Q: I notice my gums are always inflamed around some recent upper veneer and crown work I had done. I floss and brush constantly. Why is this?… Terry in Pompano
A: Welcome to dental prosthetics 101; put your pencils down and hear me out. (Pay attention in case there is a quiz!) One possible cause is an unfavorable “emergence profile”; how the porcelain is contoured from the gum line all the way to the chewing edge of the tooth. If the contours are too drastic, or step-like, this can create a bulkiness that can trap more plaque than a hygienist’s spit sink, resulting in chronically inflamed, puffy red gums.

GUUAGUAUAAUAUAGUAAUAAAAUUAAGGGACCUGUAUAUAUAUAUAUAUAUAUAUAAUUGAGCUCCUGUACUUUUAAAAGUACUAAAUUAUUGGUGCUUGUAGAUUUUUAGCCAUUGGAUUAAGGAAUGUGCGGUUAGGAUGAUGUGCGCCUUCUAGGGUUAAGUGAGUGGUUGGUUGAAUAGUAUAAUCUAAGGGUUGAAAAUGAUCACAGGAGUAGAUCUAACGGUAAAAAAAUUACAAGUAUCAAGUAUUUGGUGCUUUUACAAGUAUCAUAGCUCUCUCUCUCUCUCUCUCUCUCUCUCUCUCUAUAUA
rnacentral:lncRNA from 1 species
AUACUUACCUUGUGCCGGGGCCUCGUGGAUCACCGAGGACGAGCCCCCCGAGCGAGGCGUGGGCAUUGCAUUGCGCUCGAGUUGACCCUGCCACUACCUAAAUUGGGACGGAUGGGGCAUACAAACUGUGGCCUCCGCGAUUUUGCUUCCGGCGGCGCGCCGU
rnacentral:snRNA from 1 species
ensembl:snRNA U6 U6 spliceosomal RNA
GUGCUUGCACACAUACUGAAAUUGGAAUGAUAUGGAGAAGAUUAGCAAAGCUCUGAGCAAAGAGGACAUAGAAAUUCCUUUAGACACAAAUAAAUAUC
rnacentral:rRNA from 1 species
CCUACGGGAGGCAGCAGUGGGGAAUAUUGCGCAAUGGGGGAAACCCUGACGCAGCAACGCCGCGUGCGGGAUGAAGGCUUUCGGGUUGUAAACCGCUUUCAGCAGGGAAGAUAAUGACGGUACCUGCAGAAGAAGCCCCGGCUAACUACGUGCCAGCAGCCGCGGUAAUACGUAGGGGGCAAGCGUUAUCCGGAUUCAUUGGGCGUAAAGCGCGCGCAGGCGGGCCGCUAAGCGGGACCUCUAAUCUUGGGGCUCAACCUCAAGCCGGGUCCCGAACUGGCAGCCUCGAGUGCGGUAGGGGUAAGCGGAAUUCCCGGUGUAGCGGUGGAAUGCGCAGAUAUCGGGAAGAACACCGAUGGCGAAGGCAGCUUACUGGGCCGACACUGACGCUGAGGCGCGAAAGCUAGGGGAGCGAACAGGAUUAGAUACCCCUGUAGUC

If left untreated this form of gum disease, called “iatrogenic (pronounced: eye-at-trow-gen-ick) gingivitis”, can lead to gum recession and even bone loss.
I recommend to first have the dentist who placed them try to bevel the contours with a fine diamond bur followed by porcelain polishing wheels. If this does not help; you must consider remaking the dental work.
For free consumer info on veneers, contact us.
Dr. Josephs practices Implant Cosmetic and General Dentistry and hosts “Tooth Talk” on WBZT AM123.0 Dr. Josephs is on staff at West Palm Hospital (Formerly Columbia Hospital) and is a Faculty Advisory Board member at McGill University’s Faculty of Dentistry and completed his residency at Manhattan’s Beth Israel Medical Center and Mt. Sinai Hospital.